Some Gentle Thoughts
by Sandy Colby
Date: Thu, 14 Jan 1999
My heart hit the floor as I read your post! You dear, precious family!!! Your grief is _so_ new!! My heart goes out to you!! Helpless, though I am, in word or deed, I come. One who was wounded, as now you are. One who will forever bear the scar in my heart of the day[s] my child[ren] died. One who has walked the path for 12 years, where you now start your journey. With you now, I cry! Today is just that sort of day! You are in my thoughts and prayers!!! I am _SO_ sorry for your pain and the loss of someone as precious as your dear, precious Hadrian!
Looking back, over the past 12 1/2 years since our daughter, Renae, died, may I offer some gentle thoughts on where you now find yourselves?
1. Be gentle. Be purposefully gentle with yourself, your husband, your other dear children. [Hindsight is always 20/20. I wish someone had said those words to us. Maybe I, too, would have yelled less and hugged more.]
2. Be patient. Be diligently patient with yourself, your husband, your other children. This isn't going to be easy for anybody. [In fact, at times, it may seem like you are at the doorway of hell.] Lower really high and unrealistic expectations. ("If you came over to visit me, and see how I was doing, come on in. If you came in to inspect the house, make an appointment for after the millennium. How's the 32nd of October for you?")
3. Be loving. Be quick to love and forgive a grudge! Now is the time for pulling together, not pulling apart. Be even quicker to apologize.
4. Be understanding and try to understand. A little goes an awful long way, and when you need it in return, it will be there waiting for you, I'm sure!
5. Talk when you need to. Don't talk when you don't want to. Hold hands when you need one. Punch a pillow when the anger comes, or I found that bread dough was quite satisfying to pound on. [Modeling clay was great for my son in those angry moments]
7. When folks ask what they can do for you, ask them to come back around 30 days; 60 days; 90 days; . . . .all the next few days. Ask them to not forget Hadrian and the treasure that this little dear brought to your lives. Don't forget the birthday! That little person was here and deserves to be recognized and remembered!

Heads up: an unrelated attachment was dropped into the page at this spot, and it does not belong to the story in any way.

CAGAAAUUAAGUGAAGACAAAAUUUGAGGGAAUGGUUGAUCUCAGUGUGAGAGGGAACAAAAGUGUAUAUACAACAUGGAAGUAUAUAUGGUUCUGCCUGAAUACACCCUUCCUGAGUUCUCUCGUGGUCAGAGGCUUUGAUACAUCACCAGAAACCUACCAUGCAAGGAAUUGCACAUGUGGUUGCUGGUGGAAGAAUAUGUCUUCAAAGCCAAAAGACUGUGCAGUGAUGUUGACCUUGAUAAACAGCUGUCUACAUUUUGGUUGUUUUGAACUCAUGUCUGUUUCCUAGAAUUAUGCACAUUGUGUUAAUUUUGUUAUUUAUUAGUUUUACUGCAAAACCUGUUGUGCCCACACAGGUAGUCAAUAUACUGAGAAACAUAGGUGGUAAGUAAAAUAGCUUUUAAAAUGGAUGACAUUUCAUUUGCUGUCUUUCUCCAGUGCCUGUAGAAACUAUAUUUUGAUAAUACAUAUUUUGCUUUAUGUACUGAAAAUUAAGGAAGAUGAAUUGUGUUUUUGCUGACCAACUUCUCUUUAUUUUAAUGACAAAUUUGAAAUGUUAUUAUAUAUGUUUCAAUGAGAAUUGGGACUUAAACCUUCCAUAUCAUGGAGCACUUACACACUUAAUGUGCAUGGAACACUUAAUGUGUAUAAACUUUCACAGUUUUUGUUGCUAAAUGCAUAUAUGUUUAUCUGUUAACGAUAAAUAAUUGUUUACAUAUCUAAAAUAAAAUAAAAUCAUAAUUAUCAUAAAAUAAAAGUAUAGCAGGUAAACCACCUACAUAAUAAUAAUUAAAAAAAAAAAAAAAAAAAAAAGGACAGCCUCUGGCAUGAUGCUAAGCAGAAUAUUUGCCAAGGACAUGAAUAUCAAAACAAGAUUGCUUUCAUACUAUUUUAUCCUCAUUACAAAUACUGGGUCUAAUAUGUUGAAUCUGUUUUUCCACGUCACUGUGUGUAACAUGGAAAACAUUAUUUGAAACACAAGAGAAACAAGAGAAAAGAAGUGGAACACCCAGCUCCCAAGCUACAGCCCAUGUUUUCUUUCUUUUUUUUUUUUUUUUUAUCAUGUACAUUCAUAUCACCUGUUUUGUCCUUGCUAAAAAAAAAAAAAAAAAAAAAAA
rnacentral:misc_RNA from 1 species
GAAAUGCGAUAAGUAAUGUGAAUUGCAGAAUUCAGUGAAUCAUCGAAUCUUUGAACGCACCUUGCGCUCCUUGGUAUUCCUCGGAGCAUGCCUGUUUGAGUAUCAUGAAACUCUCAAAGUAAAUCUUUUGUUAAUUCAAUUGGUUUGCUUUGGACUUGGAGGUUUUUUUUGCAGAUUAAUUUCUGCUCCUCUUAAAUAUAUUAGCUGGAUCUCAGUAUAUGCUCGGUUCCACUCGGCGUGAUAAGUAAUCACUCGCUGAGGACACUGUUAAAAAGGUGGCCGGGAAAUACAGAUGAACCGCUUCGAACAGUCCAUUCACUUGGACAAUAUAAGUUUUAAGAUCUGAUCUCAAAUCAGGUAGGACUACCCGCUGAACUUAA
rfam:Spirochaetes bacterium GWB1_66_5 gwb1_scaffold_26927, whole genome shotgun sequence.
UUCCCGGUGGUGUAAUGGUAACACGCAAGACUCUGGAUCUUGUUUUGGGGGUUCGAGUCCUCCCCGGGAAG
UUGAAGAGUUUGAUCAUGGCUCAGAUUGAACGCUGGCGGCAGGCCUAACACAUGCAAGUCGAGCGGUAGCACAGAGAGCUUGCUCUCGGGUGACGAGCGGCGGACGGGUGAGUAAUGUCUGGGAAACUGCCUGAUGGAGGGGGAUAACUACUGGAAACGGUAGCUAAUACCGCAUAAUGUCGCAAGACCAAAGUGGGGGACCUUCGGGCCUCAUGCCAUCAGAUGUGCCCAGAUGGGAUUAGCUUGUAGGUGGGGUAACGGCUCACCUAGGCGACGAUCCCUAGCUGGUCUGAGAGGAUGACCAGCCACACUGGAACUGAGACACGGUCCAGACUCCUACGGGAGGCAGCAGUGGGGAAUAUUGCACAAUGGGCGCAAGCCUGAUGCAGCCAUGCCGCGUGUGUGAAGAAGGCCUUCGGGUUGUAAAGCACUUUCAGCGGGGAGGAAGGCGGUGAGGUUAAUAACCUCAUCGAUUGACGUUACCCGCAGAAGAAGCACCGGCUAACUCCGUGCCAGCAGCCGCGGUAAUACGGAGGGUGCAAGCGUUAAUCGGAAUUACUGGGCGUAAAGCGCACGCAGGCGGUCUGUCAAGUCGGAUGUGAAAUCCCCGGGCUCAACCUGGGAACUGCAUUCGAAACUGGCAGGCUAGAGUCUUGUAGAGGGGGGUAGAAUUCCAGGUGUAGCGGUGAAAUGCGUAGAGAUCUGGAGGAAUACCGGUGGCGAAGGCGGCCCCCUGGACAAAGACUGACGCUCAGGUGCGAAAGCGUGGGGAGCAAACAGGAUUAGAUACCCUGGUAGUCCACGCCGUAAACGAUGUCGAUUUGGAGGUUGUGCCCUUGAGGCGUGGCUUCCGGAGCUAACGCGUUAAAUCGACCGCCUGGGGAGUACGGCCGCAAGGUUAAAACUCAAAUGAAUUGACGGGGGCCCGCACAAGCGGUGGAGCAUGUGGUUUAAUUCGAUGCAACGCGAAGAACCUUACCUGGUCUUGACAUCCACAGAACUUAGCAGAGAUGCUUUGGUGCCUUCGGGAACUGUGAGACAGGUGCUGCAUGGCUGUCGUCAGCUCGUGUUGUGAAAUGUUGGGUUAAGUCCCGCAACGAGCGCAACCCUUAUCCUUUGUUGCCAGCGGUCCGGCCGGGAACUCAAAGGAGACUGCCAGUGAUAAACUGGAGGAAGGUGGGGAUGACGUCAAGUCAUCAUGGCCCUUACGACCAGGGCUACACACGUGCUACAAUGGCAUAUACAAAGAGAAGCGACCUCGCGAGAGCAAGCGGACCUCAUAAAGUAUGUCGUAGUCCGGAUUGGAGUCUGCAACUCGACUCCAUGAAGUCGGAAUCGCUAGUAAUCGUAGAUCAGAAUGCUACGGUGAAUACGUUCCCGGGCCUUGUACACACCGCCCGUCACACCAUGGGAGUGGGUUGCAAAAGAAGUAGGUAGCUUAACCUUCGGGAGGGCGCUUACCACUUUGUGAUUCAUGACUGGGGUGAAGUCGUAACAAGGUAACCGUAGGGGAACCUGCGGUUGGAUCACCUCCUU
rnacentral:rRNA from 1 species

8. Be aware. Be aware that there are people around you all that really do love you, and are in pain alongside of you, though, unless they share the depth of your pain, they will only have a vague understanding of what it is like to be you. They're going to make some mistakes. They're going to say some pretty dumb things, and put their foot in their mouths. In fact, you may find that they open their mouths only to exchange feet and to change into different socks. Go back to the understanding thing. [Don't be afraid to tell them something like, "I'm sure that you mean well. I thank you for your thoughts. However, I really could use just a hug right now, instead of a lot of hobbley gobble words."]
Debbie, you wrote:
The biggest problem is my daughter Bryony who is 6 years old she has been taking this as hard as me any ideas I know people have told me about some books etc and we are looking into getting some professional help. When we were reading the guest book there was a boy who wrote in about loosing a baby brother he was 7 years old I may get Bryony to write to him.
Our son, Stephan, was only 3 years old when Renae died. But, he remembers. He loved her with all of his heart. It was through allowing him to talk and express his grief that he has become a precious 15 1/2 year old young man. He's still got a lot of working through a lot of "stuff", but, he's able to communicate what he feels.
You might consider talking with Bryony when she brings it up. I found that a less intrusive way to work through some of the issues of Renae's death. It was much more fruitful than dragging it out of him, or having him roll his eyeballs when I read him a story about someone dying. Bottom line is: You know your children. You know what will help, what will heal, and what is just a bunch of blather. Bryony and Frayne _will_ take it hard! They were the 'big' kids, they were the BIG sisters! Now, they're 'nobody'. Hadrian's death is just as shocking to them as it is to the rest of you. They had plans. BIG plans. Now, they are all gone, and so's their baby. It's understandable!
It's night here, and morning soon where you are. You are going to be in my thoughts and prayers as I go to sleep. As you are there, I will hold you gently in my heart with a hug! From one hurting Momma to another, pain knows no distance in time or in longitude or latitude.
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